These theories need to be examined closely and verified of course. Can they amount to competition concerns? Absolutely: exploitation, vertical foreclosure, loss of potential competition, discrimination, flexing market power. But they also involve personal data and the review should include privacy in the way it impacts quality and prices and ultimately consumer welfare, as we always do. Privacy should not be excluded for a full and comprehensive economic review.
Let’s slow right down and not make mistakes
We thus urge the competition review of the merger to recognise that market power and incentives for anticompetitive conduct can arise from the uniquely personal data the target can harvest and are compounded by disregard for privacy concerns to pursue profit maximising motives. These are potentially the ‘real stories’ behind the deal, that need to be intelligently and thoroughly pursued.
Competition regulators should not be caught in the weeds of ‘market definition’ and ‘product overlaps’, missing the wood for the trees and concluding there is no issue because there is no immediately obvious antitrust ‘overlap’. We know that ad-funded businesses have inexorable incentives to exploit data for advertising purposes. Google are proposing to acquire a unique, exclusive dataset and data collection capabilities, and from a new ‘mode’ that was not visible to them before. They will have every incentive to exploit this data in ways that can lower consumer quality and experience. Furthermore, the loss of Fitbit as an independent player implies foregoing the opportunity of a potential challenge to Google’s model based around data which is unique and valuable.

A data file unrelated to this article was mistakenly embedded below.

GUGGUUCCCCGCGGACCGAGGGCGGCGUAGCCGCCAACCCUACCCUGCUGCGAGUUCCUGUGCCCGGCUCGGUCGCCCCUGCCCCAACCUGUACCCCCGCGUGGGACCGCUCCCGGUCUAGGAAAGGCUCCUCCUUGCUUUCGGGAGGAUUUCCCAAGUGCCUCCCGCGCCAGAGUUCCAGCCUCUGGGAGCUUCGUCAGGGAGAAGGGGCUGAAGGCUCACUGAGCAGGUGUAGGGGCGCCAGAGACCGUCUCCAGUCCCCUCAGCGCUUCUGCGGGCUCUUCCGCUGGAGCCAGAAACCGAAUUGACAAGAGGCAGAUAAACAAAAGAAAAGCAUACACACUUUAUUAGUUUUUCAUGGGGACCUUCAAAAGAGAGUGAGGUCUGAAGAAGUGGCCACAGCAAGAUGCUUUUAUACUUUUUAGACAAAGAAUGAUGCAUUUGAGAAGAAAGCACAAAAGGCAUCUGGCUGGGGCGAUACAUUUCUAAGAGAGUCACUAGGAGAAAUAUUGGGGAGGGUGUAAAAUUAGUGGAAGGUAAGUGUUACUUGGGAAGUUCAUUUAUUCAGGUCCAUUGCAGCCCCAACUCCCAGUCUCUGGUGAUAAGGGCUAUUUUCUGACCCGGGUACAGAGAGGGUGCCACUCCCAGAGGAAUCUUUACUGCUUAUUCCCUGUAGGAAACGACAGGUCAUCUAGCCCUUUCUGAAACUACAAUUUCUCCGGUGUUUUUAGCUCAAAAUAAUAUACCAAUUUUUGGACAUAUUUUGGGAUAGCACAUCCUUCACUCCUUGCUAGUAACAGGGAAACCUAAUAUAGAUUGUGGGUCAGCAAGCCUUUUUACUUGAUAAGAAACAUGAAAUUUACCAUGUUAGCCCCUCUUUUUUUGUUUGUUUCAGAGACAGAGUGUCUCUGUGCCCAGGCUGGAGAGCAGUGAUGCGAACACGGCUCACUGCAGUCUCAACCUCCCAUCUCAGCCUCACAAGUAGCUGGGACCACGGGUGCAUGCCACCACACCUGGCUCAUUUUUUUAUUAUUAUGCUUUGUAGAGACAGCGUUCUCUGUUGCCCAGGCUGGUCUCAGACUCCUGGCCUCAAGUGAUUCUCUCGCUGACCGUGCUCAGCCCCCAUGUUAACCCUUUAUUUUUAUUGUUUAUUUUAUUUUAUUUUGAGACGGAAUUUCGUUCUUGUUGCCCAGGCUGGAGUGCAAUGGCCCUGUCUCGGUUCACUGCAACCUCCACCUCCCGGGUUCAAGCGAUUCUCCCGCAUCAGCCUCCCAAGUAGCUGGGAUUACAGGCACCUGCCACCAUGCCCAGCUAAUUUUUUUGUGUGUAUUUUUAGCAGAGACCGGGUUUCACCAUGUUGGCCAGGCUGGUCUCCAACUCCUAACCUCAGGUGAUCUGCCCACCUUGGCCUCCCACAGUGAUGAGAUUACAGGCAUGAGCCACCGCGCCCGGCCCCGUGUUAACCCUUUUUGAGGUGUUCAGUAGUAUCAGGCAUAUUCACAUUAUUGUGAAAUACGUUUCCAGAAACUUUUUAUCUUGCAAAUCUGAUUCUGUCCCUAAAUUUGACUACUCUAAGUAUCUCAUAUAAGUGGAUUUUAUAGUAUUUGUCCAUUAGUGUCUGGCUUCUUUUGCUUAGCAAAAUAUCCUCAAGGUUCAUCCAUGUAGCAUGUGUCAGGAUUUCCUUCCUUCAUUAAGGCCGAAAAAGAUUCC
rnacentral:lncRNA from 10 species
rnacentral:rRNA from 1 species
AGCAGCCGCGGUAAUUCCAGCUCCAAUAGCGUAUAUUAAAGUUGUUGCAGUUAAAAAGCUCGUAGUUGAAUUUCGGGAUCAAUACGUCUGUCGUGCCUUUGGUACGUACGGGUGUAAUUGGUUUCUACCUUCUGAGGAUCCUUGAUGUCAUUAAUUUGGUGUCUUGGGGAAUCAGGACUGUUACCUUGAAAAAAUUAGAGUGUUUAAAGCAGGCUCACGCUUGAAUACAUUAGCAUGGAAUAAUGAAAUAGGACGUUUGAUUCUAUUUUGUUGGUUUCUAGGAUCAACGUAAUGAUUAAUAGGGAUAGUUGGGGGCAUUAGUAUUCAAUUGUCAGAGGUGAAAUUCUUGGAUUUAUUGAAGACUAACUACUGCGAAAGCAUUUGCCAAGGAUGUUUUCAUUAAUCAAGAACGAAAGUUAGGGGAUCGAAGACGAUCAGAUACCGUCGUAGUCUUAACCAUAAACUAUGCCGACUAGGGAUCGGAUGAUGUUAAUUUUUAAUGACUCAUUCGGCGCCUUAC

We need to slow down and avoid mistakes that are irreversible. A merger prohibition, on the other hand, is not irreversible. It should not be controversial that more competition delivers more innovation. And we want innovation to happen in ways that are sustainable and do not undermine society’s goals.
Authors’ note: The views in this note are entirely our own, and do not represent those of colleagues or our respective institutions. We are not being paid or remunerated in any way by anyone to express them.
1 Google-Fitbit Probe Isn’t for Data Watchdogs, Vestager Says, Bloomberg, 25 February.
2 Google gobbling Fitbit is a major privacy risk, warns EU data protection advisor, Techcrunch, 20 February.
3 See Unlocking Digital Competition, Furman et. al. March 2019; Competition Policy for the Digital Era, Crémer et. al. April 2019; Stigler Committee on Digital Platforms: Final Report, Scott-Morton et al. September 2019.
4 Testimony of Tommaso Valletti before the House Judiciary Committee Subcommittee on Antitrust, “Online Platforms and Market Power: The Role of Data and Privacy in Competition”, 18 October 2019.
5 WhatsApp: The Best Facebook Purchase Ever?, Investopedia, 25 June 2019.
6 Google to ‘phase out’ third-party cookies in Chrome, The Verge, 14 January 2020
7 Google is cracking down on Android apps that track your location in the background, The Verge, 21 February 2020
8 Google: Our DeepMind health slurp is completely kosher, The Register 15 November 2018; and less than a year later: DeepMind’s health team joins Google Health, 19 September 2019. Streams app has been subsequently integrated into Android.
9 Project Nightingale, TechTarget, February 2020
10 Google Has Quietly Dropped Ban on Personally Identifiable Web Tracking, ProPublica, 21 October 2016